We invite all peoples, cultures, creeds, communes, adults, children, and individuals, out of love, to share in gathering for 7 days, from July 1st through the 7th, with a silent meditation for peace on July 4th, 2023 beginning harmoniously at dawn, until noon, when we gather together in a circle, in the Northern Appalachians, including and between the Alleghenies and the White Mountains National Forest. 2022 Vision Counsel Consensus.
The Appalachian Region includes 423 counties across 13 states and is a cultural region in the Eastern United States that stretches from the Southern Tier of New York State to northern Alabama and Georgia.
The Appalachian Mountains, often called the Appalachians, are a system of mountains in eastern to northeastern North America. The Appalachians first formed roughly 480 million years ago during the Ordovician Period. More than 400 million years ago, natural forces conspired to make the Appalachians one of the most resilient, diverse and productive places on Earth.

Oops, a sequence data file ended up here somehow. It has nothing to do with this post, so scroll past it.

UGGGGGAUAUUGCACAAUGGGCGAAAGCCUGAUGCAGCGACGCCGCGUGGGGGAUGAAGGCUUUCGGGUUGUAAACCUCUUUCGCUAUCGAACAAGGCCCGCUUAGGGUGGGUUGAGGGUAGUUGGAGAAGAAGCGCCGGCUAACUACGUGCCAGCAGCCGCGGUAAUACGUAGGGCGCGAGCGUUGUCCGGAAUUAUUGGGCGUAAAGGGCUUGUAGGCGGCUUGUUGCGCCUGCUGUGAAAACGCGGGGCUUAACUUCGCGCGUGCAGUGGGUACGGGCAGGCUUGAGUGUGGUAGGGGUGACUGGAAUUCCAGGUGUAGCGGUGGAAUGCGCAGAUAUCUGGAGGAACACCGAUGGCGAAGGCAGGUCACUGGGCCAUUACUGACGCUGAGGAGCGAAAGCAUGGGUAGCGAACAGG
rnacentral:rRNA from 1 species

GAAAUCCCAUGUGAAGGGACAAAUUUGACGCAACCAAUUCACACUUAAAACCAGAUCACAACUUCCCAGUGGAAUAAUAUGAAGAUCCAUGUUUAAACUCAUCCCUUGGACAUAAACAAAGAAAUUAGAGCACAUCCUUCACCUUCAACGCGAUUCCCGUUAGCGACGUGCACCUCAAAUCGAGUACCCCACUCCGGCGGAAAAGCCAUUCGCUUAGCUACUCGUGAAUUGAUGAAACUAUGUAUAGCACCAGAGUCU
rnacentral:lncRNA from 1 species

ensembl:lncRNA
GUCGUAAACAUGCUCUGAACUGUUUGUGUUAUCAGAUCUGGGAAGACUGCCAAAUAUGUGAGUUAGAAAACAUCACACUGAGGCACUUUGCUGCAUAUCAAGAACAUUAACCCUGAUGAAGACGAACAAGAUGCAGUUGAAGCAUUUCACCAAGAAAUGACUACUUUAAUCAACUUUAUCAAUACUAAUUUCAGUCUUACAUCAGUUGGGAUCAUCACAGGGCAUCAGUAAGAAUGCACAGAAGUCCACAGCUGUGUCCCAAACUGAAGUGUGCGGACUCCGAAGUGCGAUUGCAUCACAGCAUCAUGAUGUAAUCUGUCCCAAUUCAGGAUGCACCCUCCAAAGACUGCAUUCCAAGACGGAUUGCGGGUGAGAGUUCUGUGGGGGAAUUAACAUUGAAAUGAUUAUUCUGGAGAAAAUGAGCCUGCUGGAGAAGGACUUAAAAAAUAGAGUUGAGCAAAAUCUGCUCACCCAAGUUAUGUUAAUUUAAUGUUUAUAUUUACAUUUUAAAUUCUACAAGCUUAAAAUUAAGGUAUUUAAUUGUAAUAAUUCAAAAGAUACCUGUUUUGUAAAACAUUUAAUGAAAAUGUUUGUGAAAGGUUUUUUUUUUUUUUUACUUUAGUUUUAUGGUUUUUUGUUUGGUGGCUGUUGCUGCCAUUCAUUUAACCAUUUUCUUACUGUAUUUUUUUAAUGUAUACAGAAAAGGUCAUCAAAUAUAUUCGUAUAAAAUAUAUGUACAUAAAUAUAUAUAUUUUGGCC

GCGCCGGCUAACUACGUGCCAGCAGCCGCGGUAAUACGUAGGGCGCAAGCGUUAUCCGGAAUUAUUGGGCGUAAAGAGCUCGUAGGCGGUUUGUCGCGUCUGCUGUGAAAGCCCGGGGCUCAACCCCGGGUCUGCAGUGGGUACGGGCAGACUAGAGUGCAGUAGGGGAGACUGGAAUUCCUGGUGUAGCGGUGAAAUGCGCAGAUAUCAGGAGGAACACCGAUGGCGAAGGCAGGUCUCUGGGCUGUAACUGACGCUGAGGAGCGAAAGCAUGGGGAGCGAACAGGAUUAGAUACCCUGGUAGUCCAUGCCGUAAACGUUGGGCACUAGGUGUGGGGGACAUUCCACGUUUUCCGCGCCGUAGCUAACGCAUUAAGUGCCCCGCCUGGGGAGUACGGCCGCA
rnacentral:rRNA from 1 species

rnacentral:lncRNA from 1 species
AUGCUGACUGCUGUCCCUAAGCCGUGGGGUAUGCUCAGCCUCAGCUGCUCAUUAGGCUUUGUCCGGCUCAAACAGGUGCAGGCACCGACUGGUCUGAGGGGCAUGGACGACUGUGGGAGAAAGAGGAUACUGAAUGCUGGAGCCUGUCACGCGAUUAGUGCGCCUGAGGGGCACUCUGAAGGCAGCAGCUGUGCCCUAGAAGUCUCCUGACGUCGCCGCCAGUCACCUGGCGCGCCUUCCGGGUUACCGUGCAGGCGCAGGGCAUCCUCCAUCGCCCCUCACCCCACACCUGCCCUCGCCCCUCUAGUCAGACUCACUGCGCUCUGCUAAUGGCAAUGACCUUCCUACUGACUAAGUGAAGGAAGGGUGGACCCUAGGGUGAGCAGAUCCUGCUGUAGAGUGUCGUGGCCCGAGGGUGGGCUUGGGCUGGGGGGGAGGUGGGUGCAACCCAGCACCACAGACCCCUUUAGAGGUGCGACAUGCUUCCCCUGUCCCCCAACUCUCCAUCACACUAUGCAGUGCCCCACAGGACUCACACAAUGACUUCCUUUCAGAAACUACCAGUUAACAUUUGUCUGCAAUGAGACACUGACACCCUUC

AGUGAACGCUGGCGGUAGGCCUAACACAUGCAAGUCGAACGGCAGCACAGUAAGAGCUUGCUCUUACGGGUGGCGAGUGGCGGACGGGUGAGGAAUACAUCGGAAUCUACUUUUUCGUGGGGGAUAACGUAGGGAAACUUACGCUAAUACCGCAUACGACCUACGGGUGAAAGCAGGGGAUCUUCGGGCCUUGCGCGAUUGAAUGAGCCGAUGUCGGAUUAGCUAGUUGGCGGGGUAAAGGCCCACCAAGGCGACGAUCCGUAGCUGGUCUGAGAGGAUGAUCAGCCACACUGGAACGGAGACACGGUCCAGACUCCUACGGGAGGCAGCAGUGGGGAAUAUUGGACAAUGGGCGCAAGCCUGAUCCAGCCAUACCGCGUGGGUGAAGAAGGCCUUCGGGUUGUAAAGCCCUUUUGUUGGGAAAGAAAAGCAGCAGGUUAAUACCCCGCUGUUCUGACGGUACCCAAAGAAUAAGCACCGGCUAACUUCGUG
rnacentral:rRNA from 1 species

The Appalachians can be divided into three large physiographic regions: northern, central, and southern.
In the northern part of the system, there are a number of subranges, which include:
Notre Dame Mountains (Quebec)
Long Range (Newfoundland)
Longfellow Mountains (Maine)
White Mountains (New Hampshire)
Green Mountains (Vermont)
New England Uplands (Maine, Vermont, New Hampshire, Massachusetts)
The Appalachians cover a wide region that has been home to humans for thousands of years. Countless groups called the mountains home, long before the arrival of European settlers.
Some of these major groups include the Muscogee, Cherokee, Catawba, Tutelo, Shawnee, Moneton, Monacan, Sappony, Manahoac, Massawomeck, Osage, Susquehannoc, Piscataway, Lenape, Haudenosaunee, Mohican, Pocumtuc, Wabanaki, Abenaki, Arosaguntacook, Penobscot, Wolastokuk, Mi’kmaq, Huron-Wendat, Innus, and Beothuk, among countless others.
Interestingly, perhaps the earliest European settlement in the Appalachian Mountains was around 1000 CE, when Vikings settled briefly at L’Anse aux Meadows in northern Newfoundland. Although this settlement was somewhat short lived, it perhaps had some historical connection to the tales told in some of the Icelandic sagas.
This page is under developement and will be updated throughout the year as information becomes avaliable. Please bookmark and share this website, thanks.
Stay quickly informed by joining our Facebook group.
We Love You!!